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The Crown writer admits he thinks that Queen was more relaxed mother with Andrew and Edward

Rebecca Taylor
·Royal Correspondent
·4-min read

Watch: Who is Prince Edward?

The creator of The Crown has said he thinks the Queen was a better mother to Prince Andrew and Prince Edward than her other children.

Season four of The Crown brought the two younger princes into the spotlight a little more, including a particular episode in which the Queen and Philip discuss which of their children is their favourite.

Speaking on the show’s official podcast, Peter Morgan, creator and writer, said he subscribes to one view from an historian that the Queen was a better mother to her younger sons than to Prince Charles and Princess Anne.

He said: “One particular historian had this view that the first two children, Charles and Anne, were very much, she had the children but she was preoccupied with trying to find her feet and do her job.

“Then there came a point where she got a little more confident, and that the second two children, Andrew and Edward, came at a time when she was much more ready to be a mother.

“I’m sure they had a better time of it as children. I think it’s telling that her closest relationship is with Sophie Wessex and Prince Edward.”

The Crown S4. Picture shows: Princess Anne (ERIN DOHERTY). Filming location: Goldsmiths Hall
The Crown's Princess Anne played by Erin Doherty. (Netflix)

Read more: Five times The Crown strayed from reality

He added: “I thought it was interesting to see her motherhood divided into two teams. She was much more relaxed as a mother with the second too.

“Anne didn’t really need that much mothering from what I see of her as a character, and Charles unfortunately needs a lot of love.

“She was probably unable to give it and his need for it might have made her ability run even further.”

He said when he heard the theory “it instantly chimed” and he thought it was “a smart observation”.

Queen Elizabeth II looking at a photograph album with her sons Prince Andrew (left) and Prince Edward, December 1971. Footage of this scene was used in the Queen's Christmas Broadcast of 1971, to illustrate the theme of family. (Photo by Hulton Archive/Getty Images)
Queen Elizabeth II looking at a photograph album with her sons Prince Andrew (left) and Prince Edward, in December 1971. (Hulton Archive/Getty Images)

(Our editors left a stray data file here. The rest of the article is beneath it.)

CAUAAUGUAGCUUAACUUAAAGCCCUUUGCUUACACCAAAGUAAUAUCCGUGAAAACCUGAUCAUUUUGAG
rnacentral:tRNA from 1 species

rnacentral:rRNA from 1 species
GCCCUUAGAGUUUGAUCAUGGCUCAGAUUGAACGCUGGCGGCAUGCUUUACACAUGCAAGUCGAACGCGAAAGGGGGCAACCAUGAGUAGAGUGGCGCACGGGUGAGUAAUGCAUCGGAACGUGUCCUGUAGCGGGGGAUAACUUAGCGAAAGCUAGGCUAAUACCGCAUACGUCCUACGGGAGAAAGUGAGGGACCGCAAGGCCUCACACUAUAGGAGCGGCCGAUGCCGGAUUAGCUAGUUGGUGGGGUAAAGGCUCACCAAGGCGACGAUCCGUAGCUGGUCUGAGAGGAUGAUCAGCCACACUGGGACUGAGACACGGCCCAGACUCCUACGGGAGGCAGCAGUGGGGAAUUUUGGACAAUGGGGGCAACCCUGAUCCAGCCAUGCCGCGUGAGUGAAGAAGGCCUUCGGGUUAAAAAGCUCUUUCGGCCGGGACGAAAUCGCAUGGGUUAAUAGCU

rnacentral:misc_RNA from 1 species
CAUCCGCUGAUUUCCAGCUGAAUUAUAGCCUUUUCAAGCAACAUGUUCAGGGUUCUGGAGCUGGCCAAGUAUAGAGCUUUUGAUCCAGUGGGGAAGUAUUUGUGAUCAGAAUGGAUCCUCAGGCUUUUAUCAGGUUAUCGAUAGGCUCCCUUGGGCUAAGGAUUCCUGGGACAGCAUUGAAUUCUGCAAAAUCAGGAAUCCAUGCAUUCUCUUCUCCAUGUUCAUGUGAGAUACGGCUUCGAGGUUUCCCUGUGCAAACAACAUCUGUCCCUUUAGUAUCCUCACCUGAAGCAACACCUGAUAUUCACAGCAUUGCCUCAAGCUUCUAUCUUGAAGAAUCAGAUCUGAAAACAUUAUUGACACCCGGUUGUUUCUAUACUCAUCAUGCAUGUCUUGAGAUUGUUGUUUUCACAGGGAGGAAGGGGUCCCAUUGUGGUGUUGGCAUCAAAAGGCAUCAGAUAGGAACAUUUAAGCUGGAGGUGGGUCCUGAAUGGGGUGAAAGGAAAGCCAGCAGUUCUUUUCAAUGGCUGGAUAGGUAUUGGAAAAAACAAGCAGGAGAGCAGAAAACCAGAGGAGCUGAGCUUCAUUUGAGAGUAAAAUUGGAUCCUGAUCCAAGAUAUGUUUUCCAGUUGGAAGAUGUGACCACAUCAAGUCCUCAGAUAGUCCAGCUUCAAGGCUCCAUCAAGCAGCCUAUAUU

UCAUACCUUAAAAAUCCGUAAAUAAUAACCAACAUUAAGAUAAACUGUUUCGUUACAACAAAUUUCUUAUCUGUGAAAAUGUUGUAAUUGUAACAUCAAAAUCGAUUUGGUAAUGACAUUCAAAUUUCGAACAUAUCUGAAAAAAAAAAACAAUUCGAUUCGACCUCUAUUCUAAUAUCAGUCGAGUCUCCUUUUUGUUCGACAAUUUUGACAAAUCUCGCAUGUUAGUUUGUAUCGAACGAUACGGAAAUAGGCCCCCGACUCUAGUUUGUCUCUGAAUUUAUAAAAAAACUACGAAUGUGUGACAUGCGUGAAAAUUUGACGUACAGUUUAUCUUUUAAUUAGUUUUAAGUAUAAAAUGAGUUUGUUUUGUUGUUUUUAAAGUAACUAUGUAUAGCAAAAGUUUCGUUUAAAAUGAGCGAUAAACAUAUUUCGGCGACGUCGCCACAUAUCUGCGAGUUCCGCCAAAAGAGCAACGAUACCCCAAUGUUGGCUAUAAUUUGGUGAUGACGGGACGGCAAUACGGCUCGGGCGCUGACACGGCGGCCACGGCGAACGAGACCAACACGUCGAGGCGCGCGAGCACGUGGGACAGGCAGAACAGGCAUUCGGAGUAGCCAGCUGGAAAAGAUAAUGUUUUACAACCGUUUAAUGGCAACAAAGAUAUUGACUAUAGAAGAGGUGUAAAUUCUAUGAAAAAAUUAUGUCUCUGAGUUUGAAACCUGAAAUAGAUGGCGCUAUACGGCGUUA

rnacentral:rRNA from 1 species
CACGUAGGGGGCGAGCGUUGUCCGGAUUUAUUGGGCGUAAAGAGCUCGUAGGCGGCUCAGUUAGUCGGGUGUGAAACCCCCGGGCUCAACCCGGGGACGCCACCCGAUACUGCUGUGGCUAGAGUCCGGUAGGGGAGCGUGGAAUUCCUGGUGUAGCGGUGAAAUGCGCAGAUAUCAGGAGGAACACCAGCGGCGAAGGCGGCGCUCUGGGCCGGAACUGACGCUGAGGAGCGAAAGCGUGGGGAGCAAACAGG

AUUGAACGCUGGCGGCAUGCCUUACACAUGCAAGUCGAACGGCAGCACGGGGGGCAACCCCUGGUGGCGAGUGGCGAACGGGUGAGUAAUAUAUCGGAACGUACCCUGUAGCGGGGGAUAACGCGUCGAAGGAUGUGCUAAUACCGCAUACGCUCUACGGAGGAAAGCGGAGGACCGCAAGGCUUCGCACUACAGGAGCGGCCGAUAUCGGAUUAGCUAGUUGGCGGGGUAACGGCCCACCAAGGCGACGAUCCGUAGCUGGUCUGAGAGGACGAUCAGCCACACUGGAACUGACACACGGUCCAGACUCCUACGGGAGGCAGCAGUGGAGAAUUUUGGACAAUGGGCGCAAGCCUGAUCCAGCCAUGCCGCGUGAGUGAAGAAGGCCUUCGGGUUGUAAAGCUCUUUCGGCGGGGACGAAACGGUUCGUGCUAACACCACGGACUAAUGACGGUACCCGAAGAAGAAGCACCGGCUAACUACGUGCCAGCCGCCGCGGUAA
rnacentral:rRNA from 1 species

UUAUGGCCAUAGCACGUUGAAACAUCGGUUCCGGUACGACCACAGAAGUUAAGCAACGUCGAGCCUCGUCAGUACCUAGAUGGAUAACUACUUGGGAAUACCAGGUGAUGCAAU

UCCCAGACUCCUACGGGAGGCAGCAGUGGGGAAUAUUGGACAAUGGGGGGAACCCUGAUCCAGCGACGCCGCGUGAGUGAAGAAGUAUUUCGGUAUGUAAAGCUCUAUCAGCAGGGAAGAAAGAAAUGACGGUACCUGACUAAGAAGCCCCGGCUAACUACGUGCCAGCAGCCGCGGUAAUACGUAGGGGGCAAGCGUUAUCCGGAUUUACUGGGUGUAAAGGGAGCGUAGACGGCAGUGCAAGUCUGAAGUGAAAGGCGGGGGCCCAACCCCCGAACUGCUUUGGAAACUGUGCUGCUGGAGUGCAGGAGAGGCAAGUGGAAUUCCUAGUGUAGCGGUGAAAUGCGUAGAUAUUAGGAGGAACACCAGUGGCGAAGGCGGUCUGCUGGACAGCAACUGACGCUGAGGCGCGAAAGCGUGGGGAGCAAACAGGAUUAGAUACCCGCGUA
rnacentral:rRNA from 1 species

Read more: Is Netflix's 'The Crown' a true story?

Charles and Anne were born early on in the Queen’s marriage to Prince Philip, before she acceded to the throne, but when both of them were carrying out royal duties.

They were left at home with nannies during the Queen’s extensive royal tours.

However, Andrew then came along in 1960, and is about 12 years younger than his older brother Charles.

Edward is another four years younger.

In the programme, the Queen is alarmed by Margaret Thatcher’s admission that her son Mark is her favourite, but Philip, played by Tobias Menzies, is less surprised by the idea of favourites.

He readily admits to their daughter Anne being his favourite, while the Queen embarks on a quest to find out more about the four children and work out who is her favourite.

The royal family at Buckingham Palace, London, 1972. Left to right: Princess Anne, Prince Andrew, Prince Philip, Queen Elizabeth, Prince Edward and Prince Charles. (Photo by Fox Photos/Hulton Archive/Getty Images)Elizabeth II
The royal family at Buckingham Palace, London, in 1972. Left to right: Princess Anne, Prince Andrew, Prince Philip, Queen Elizabeth, Prince Edward and Prince Charles. (Fox Photos/Hulton Archive)

Read more: The Crown: All the answers to every question you'll ask while watching season four

There is some indication the real life Queen may have had a different bond with her two younger sons. Andrew was seen with the Queen in January at church in Sandringham, shortly after the announcement of the deal she struck with Prince Harry and Meghan, allowing them to step back from their senior royal roles.

And Edward and his wife Sophie live close by to the Queen in Bagshot Park, with Sophie previously admitting she and the children are able to see the monarch frequently.

Anne defended her mother in 2002 as part of a series of documentaries on the Royal Family during the Queen’s Golden Jubilee.

She said: “We as children may have not been too demanding in the sense that we understand what the limitations were in time and the responsibilities placed on her as monarch in the things she had to do and the travels she had to make.

"But I don't believe any of us for a second thought she didn't care for us in exactly the same way as any other mother did.”

Watch: Who is Prince Andrew?